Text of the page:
JL: Are there certain signature drinks you feel like you’ve become known for at Rickhouse?
EC: Definitely our punch program’s been doing really, really well. A couple weeks ago on a Saturday, we had 14 bowls on the floor at once. When we opened, our clientele hadn’t been exposed to good cocktails. They wanted Vodka Red Bulls, Vodka Cranberries, so they were bummed out. We walked them through it. Now they trust us and we love them. It’s really rewarding. Before I was just making drinks for other cocktail nerds. Now we’re converting people by volume….There’s no Manhattan or Old Fashioned on the menu. We decided to stay away from the classics. In San Francisco, the level has risen so people know we can make them. I decided to focus on more esoteric drinks that have been lost in the shuffle. Instead of the Manhattan, we put a Claridge on the menu, which is a phenomenal vintage cocktail that got lost in the shuffle. Our program is very vintage, where we don’t have any processed sugar or high fructose corn syrup. When I ask staff for suggestions, I don’t want them to submit anything that couldn’t be made 100 years ago.
JL: Do you have a first cocktail memory?
EC: My first really, really gung ho cocktail, I remember I first started working with fresh juice. At this point, I was working for five years. The vibrancy of fresh citrus, what it does with a cocktail. This stuff that sits on a shelf is nothing. If it doesn’t go bad, it was probably never good to begin with.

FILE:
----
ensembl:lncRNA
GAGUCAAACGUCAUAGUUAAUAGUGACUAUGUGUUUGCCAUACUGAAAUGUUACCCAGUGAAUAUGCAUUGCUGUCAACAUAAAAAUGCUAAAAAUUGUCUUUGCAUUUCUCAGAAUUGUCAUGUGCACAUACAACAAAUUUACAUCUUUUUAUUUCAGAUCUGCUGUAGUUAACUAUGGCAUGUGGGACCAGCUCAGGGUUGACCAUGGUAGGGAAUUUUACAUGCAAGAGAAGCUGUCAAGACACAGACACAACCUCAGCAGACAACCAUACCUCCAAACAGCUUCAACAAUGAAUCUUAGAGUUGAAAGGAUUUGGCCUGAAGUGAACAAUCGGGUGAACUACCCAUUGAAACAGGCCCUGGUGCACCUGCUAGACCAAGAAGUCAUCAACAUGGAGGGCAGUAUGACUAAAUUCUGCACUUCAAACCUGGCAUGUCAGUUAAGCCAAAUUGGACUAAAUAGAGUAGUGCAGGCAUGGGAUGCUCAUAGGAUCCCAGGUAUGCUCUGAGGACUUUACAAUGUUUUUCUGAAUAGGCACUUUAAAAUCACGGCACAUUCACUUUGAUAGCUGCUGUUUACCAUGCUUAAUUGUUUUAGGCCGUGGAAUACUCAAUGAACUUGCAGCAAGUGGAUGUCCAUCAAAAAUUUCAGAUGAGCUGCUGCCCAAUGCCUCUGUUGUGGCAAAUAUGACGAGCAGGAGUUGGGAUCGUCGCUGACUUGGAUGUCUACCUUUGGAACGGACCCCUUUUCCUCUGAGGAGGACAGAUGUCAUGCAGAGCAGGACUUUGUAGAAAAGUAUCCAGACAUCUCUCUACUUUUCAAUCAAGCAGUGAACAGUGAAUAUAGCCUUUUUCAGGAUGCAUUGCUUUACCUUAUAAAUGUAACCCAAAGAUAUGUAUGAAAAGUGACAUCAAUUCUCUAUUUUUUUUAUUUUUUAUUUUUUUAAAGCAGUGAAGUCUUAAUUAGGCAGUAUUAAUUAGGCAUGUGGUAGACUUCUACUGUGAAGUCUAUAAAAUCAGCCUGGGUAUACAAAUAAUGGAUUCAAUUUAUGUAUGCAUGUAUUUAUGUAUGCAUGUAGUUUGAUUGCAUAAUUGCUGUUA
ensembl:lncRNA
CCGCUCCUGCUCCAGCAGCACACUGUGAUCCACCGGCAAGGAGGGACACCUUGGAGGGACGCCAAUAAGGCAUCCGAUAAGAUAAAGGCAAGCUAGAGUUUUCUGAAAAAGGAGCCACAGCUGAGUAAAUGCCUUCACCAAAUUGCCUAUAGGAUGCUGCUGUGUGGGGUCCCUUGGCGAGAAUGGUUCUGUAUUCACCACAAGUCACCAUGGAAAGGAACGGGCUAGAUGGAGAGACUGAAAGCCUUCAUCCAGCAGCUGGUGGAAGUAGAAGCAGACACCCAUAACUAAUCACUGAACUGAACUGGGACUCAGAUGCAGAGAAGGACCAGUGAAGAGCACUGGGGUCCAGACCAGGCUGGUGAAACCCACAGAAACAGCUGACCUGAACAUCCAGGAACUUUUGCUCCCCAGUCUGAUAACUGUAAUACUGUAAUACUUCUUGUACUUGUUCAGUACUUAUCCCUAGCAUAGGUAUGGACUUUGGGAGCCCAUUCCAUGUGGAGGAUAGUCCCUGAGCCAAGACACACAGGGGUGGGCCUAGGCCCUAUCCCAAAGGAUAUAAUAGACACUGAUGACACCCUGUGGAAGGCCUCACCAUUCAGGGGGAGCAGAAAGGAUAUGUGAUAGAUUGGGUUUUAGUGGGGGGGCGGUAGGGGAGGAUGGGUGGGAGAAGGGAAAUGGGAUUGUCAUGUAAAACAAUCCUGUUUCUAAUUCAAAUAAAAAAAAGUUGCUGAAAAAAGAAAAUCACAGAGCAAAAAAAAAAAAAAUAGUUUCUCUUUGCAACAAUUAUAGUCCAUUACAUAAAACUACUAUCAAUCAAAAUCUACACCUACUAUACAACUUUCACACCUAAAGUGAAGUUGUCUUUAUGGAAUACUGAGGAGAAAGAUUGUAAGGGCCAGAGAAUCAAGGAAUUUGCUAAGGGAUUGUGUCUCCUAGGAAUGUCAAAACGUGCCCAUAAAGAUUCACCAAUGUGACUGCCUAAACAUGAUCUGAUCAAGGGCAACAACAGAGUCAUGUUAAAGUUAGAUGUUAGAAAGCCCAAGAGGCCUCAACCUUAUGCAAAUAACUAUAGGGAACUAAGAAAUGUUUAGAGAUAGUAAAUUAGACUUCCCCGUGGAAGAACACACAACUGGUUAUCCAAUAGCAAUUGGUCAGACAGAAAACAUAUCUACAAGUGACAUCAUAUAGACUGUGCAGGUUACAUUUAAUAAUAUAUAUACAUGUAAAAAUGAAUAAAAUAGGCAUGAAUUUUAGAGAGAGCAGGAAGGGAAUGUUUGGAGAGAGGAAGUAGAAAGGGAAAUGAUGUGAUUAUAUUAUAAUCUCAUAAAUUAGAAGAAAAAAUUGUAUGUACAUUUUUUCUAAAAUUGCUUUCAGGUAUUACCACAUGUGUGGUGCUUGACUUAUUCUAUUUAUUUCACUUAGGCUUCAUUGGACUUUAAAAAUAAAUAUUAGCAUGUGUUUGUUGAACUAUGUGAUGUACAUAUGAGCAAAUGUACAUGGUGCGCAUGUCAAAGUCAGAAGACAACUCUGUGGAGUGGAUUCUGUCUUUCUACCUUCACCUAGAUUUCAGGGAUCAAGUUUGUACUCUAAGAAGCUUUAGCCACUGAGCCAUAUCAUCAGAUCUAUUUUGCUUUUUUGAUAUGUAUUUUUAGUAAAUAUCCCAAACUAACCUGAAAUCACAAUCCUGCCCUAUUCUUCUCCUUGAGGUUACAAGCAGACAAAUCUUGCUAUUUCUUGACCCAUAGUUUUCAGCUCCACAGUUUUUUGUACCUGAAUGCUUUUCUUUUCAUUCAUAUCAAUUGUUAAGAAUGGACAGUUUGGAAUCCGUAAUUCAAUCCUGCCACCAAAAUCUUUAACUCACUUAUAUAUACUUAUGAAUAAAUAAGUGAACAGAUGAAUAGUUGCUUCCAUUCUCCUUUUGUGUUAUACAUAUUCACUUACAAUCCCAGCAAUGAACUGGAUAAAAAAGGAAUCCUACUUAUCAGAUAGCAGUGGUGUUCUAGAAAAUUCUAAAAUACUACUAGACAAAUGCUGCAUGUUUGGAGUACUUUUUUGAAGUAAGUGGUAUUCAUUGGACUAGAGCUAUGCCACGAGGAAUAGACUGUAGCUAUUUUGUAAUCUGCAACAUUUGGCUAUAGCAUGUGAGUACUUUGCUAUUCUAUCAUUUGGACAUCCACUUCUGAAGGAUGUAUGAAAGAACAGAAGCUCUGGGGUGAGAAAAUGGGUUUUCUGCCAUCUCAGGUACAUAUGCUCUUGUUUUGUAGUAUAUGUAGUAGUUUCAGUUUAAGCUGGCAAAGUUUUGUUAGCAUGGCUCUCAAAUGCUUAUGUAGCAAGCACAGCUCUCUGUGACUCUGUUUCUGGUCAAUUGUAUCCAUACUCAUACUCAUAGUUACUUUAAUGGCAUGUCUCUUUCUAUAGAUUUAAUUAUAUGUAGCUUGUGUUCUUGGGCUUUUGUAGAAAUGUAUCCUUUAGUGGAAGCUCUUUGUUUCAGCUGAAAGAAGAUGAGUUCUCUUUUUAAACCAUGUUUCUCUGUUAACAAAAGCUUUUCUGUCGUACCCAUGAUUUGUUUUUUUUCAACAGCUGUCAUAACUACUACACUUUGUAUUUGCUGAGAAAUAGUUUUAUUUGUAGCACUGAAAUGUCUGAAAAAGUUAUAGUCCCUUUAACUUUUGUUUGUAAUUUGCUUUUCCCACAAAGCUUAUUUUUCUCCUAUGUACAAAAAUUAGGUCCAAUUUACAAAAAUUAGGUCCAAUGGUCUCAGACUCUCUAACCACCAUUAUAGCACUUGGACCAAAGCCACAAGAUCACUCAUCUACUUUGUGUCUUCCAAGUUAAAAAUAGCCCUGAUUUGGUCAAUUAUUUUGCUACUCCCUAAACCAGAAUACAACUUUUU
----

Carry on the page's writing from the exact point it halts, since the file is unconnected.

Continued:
JL: Do you have any cocktail mentors?
EC: I was actually really lucky to have some really good mentors. Jon Santer, one of the original guys from Bourbon & Branch. That guy’s definitely been a mentor. Marco Dionysus is another guy who’s helped me in a lot of ways, introduced me to a lot of old cocktail books. Erik Adkins is another big influence on me. He kind of helped break me out. “Now you know Prohibition cocktails, now let’s go back to the 1800s, to the 1700s.” He kind of shook my head up…Keep it natural, get it rustic.
JL: What are some other bars that you enjoy drinking at around town?
EC: My favorite bars around town…Alembic. Daniel Hyatt is a fucking monster. He’s always doing something cool, plus they have great food. Neyah White at Nopa has a complete program, delicious food, great cocktails, great wine program. Those are probably my two favorite bars in San Francisco.
JL: What’s a great simple cocktail recipe for people to make at home?
EC: The Metropol is a phenomenal cocktail that gets lost in the shuffle. It’s pretty much just a Brandy Manhattan. It’s 2 ounces Cognac, ¾ oz. sweet vermouth, a couple dashes of bitters and garnished with a brandied cherry. I’ve made it for people who don’t even like Cognac.
JL: What type of sweet vermouth do you suggest?
EC: With the sweet vermouth, I leave it up to the guest, because if you change the Cognac, you change the sweet vermouth.
JL: If you could only drink one more cocktail, what would it be?
EC: The Old Fashioned, cause I believe the Old Fashioned is the window to the bartender’s soul. I could drink an Old Fashioned every day for a year, and each one could be different. One person might make it with Rye and an orange twist…Another person might make it with Appleton Rum and cane syrup. You might have five Old Fashioneds and they’re all different, but they’re all great Old Fashioneds. You can sit down at a bar and order an Old Fashioned and it can tell you everything you need to know about a bartender’s style.